New York (CNN Business)Gas stations in the southeastern United States face significant outages Wednesday as the Colonial Pipeline shutdown stretches into a sixth day, sparking panic-buying that is exacerbating the supply crunch.
As of 7 a.m. ET, 24.8% of all gas stations in North Carolina, 15.4% in Georgia and 15% in Virginia are without gasoline, according to GasBuddy, an app that tracks fuel demand, prices and outages. All figures are higher than late Tuesday.
Outages were also reported in South Carolina (13.4%), Florida (4.2%), Maryland (3.5%) and Tennessee (2.8%)
The supply crunch appears to be much worse in some major metro areas. GasBuddy reported outages impacting 71% of the stations in metro Charlotte, nearly 60% in Atlanta and 72% in Raleigh.
Experts and officials pleaded with Americans not to hoard gasoline in the wake of the ransomware attack on the Colonial Pipeline because overconsumption will only make the situation worse.
Yet US gasoline demand climbed by 14% on Tuesday compared with the week before, according to GasBuddy. At midnight ET on Wednesday, GasBuddy reported that nearly 1,800 gas stations were out of gasoline in Alabama, Georgia, Florida, South Carolina, North Carolina, Maryland and Virginia.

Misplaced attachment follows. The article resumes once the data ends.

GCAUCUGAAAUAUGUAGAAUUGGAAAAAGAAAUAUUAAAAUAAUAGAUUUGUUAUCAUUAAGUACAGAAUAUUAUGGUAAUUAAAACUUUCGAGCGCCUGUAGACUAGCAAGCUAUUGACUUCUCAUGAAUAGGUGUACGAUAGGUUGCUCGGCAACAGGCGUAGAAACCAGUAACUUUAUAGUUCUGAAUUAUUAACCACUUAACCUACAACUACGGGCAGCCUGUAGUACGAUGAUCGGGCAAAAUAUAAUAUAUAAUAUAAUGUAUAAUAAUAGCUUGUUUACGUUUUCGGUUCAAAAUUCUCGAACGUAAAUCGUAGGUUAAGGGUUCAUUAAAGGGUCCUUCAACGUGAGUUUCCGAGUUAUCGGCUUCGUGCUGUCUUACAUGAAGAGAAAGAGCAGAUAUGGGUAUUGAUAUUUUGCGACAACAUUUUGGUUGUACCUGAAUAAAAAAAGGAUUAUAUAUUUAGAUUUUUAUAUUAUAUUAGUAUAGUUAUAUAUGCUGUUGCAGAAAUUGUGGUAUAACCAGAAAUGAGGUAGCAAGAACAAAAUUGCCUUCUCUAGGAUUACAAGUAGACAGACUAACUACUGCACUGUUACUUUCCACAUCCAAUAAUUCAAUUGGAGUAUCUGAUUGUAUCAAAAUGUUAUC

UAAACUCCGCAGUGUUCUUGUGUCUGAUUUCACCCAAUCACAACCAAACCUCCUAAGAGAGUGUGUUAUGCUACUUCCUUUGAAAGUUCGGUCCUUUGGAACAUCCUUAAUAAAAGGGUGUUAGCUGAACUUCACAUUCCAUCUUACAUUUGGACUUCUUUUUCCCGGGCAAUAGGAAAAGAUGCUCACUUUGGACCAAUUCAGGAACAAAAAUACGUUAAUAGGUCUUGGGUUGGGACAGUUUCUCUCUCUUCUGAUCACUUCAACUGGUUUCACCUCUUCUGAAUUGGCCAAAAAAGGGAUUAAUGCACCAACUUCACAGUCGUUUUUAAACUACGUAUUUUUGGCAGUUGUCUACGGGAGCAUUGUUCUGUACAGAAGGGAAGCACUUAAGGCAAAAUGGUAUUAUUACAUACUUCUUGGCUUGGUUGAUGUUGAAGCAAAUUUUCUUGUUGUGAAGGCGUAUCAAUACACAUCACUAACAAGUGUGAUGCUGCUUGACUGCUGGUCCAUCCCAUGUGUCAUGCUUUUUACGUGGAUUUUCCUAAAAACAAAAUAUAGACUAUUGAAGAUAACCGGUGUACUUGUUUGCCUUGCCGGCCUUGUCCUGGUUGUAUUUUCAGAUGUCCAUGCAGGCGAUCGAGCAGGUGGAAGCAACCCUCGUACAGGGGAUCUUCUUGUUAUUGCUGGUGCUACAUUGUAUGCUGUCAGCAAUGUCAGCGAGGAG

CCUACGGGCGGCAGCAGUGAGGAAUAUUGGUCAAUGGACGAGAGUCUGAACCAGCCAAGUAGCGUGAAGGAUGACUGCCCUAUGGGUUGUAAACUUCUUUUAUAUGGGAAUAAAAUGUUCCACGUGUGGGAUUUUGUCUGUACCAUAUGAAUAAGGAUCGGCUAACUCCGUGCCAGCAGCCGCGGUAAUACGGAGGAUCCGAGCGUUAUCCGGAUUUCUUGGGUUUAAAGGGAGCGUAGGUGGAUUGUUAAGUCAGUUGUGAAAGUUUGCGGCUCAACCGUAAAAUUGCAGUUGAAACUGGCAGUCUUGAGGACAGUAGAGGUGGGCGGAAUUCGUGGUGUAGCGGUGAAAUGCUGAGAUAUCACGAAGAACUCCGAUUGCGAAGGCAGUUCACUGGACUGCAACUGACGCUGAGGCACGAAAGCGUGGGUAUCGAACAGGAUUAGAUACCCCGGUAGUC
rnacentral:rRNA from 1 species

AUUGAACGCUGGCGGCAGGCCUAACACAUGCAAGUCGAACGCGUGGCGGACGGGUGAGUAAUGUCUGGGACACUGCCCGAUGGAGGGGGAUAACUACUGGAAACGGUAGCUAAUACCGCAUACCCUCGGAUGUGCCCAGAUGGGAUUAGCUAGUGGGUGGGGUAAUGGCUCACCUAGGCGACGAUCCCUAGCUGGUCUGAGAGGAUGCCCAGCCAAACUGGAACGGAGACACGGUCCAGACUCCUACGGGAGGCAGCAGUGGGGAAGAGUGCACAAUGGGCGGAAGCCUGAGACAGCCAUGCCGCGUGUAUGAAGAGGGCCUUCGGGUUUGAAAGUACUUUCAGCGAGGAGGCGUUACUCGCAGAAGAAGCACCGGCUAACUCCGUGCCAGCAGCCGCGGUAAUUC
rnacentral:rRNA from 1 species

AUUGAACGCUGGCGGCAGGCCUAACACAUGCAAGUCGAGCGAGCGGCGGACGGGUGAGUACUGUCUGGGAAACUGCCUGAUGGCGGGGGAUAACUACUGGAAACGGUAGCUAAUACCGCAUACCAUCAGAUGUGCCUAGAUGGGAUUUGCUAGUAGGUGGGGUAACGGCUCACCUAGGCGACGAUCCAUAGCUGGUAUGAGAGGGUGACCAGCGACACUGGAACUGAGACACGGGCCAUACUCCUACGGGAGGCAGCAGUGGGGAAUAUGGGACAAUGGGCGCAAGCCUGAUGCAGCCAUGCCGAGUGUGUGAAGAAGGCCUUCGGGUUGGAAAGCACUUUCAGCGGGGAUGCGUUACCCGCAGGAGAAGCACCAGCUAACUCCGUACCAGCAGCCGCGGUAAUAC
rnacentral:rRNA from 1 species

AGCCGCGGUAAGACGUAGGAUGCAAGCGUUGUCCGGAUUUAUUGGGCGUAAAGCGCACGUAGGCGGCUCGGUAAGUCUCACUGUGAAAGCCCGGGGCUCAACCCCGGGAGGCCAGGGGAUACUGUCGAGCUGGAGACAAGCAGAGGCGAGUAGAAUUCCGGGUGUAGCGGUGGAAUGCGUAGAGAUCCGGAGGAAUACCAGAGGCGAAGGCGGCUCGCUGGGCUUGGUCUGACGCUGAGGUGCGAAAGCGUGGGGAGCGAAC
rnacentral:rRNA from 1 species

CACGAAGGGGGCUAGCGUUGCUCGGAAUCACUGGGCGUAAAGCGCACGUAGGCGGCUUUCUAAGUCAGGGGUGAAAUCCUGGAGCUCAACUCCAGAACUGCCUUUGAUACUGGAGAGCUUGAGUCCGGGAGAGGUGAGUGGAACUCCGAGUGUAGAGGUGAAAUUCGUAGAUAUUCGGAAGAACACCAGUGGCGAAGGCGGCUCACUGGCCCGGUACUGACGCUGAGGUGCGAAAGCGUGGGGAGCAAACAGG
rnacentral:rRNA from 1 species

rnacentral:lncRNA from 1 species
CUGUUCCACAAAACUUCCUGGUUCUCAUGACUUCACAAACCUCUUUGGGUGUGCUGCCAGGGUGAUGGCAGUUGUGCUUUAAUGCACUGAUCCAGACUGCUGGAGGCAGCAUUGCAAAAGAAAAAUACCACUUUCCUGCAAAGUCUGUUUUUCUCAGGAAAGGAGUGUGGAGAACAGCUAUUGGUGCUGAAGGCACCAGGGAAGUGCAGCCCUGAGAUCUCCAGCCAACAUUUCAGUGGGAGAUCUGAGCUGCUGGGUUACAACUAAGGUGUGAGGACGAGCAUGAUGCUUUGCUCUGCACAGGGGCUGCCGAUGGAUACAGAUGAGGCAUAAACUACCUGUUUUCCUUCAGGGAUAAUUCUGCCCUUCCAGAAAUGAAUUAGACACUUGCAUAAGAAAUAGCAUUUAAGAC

Meanwhile, average prices at the pump climbed above the key psychological milestone of $3 a gallon on Wednesday for the first time in more than six years, according to AAA.
Energy Secretary Jennifer Granholm strongly urged Americans not to hoard gas during a White House press briefing Tuesday. She also called on gas station owners to “act responsibly” and avoid price gouging during the supply crunch.
“The American people can feel assured that this administration is working with the company to get it resumed as soon as possible, Granholm said.
The Colonial Pipeline, which supplies nearly half the gasoline and diesel to the East Coast, set a goal on Monday of “substantially restoring operational service” by the end of the week.
Granolm said that Colonial expects to decide by the end of business Wednesday whether to make a full restart. “But even after that decision is made, it will take a few days to ramp up operations,” she said.
Part of the problem in the Southeast may be a shortage of tanker truck drivers needed to deliver the gas to stations. It’s an issue that emerged even before the pipeline hack.
“This seems to be turning into a not-enough-truck-drivers-to-get-it-there story,” Patrick De Haan, head of petroleum analysis at GasBuddy, wrote in a tweet.
Despite the supply shock, energy markets are not overreacting. RBOB gasoline futures ticked modestly higher Wednesday and remain up just slightly from Friday.
“East Coast gasoline is running scarce, but what is not moving there is building up on the Gulf Coast,” Michael Tran, RBC Capital’s director of global energy strategy, said in an email.
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